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First true EV reliability report shows 30% less breakdowns as ADAC pegs low-voltage batteries a weak point

Tesla replaced the old 12V lead-acid with Li-ion batteries only last year (image: Teslascope)
Tesla replaced the old 12V lead-acid with Li-ion batteries only last year (image: Teslascope)
Electric cars are prone to much less mechanical breakdowns than gas-powered vehicles, according to a real-world reliability report. In fact, most EV problems were with the low-voltage battery or circuit, the only weak point where they equaled or surpassed ICE car failure rates.

Electric cars like the 2020 Tesla Model 3 experienced only 4.9 mechanical breakdowns per 1,000 vehicles on the road, while gas-powered cars from the same model year had a failure rate of 6.9 such incidents in a first of its kind EV reliability study that doesn't rely on subjective owners' reports. Both are very low numbers as the cars in the comparison are practically new, yet the simpler construction of EVs put them at a 30% lower chance for a significant breakdown even in this favorable scenario.

The storied German national road assistance organization ADAC included electric cars in its popular reliability report for the first time as there are now enough EVs on the road to make a viable comparison. After all, Tesla's Model Y was the bestselling vehicle there in the past couple of quarters. 

ADAC tried to compare apples to apples by picking 3-year old cars as that's when EVs started to meet their registration quantity criteria for inclusion in the reliability report. As can be expected, electric cars had six times less drivertrain problems than internal combustion engines with their numerous moving parts. The reliability advantage was visible in most every category but - ironically - the auxiliary electrical system.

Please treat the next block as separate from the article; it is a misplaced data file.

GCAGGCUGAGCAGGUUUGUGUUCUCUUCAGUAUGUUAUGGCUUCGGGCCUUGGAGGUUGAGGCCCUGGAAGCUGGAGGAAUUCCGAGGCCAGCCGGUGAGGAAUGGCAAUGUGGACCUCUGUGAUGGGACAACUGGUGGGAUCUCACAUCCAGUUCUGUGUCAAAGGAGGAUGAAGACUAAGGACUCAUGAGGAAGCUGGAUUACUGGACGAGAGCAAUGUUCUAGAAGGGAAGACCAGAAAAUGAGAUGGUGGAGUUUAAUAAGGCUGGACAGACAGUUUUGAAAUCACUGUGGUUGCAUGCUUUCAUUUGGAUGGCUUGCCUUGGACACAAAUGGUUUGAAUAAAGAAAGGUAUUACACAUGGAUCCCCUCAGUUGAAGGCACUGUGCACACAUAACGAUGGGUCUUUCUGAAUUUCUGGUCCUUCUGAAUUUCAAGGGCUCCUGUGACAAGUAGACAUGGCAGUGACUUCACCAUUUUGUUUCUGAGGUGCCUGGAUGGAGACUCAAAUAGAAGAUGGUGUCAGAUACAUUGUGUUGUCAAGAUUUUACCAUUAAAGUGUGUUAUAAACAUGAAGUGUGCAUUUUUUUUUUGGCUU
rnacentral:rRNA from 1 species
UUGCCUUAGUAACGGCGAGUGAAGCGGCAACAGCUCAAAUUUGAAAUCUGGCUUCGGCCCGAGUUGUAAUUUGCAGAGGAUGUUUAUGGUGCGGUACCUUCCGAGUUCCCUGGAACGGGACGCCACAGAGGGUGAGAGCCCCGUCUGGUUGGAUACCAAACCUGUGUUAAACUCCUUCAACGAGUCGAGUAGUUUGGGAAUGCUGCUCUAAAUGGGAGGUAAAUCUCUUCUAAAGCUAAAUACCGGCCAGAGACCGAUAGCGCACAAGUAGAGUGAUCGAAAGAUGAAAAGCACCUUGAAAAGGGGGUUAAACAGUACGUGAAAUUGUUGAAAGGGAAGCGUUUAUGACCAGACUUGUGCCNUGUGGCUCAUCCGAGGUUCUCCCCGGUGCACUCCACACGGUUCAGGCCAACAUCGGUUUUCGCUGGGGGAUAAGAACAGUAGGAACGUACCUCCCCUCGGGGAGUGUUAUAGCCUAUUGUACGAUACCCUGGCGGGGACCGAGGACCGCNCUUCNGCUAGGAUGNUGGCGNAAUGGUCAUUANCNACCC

In fact, the only element in electric cars that proved to be as prone to failures as the one in gas-powered vehicles was the low-voltage circuit where Tesla only recently moved from lead-acid to Li-ion batteries. In EVs, they are used for features like power windows, lights, or the infotainment system, and there were 2.5 failures per thousand active vehicles in ADAC's report, the same as ICE cars. In fact, if you remove the low-voltage battery failures - which can be due to both defective units or owner negligence - from the equation, the EV component failure rate would halve.

According to ADAC's findings "only two areas stand out as significantly different when comparing the frequency of defects in electric cars and cars with combustion engines: keys, locks, immobilizer and the engine, management and high voltage area (HV) system. The difference in problems with the drive (the HV system of the electric car is the counterpart to the drive of the combustion car) can probably be attributed to the significantly simpler technical structure of an electric motor. In the event of breakdowns or problems in connection with the key, it is reasonable to assume that contactless versions (keyless go) are much more common in electric cars and that the reason for the breakdown "key in the car" (driver locked out) is much less common."

As mentioned, Tesla stopped using 12V lead-acid batteries in the Model Y and Model 3 only last year, equipping all of its new cars in the US with AMD Ryzen chips instead of slower Intel Atoms, and swapping the old low-voltage batteries that were prone to sudden failures with new Li-ion packs. It would be interesting to follow ADAC's real-life reliability report in the coming years, now that it includes electric cars,  as they age and gain a larger share of the traffic mix on the road.

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> Expert Reviews and News on Laptops, Smartphones and Tech Innovations > News > News Archive > Newsarchive 2023 05 > First true EV reliability report shows 30% less breakdowns as ADAC pegs low-voltage batteries a weak point
Daniel Zlatev, 2023-05-19 (Update: 2023-05-19)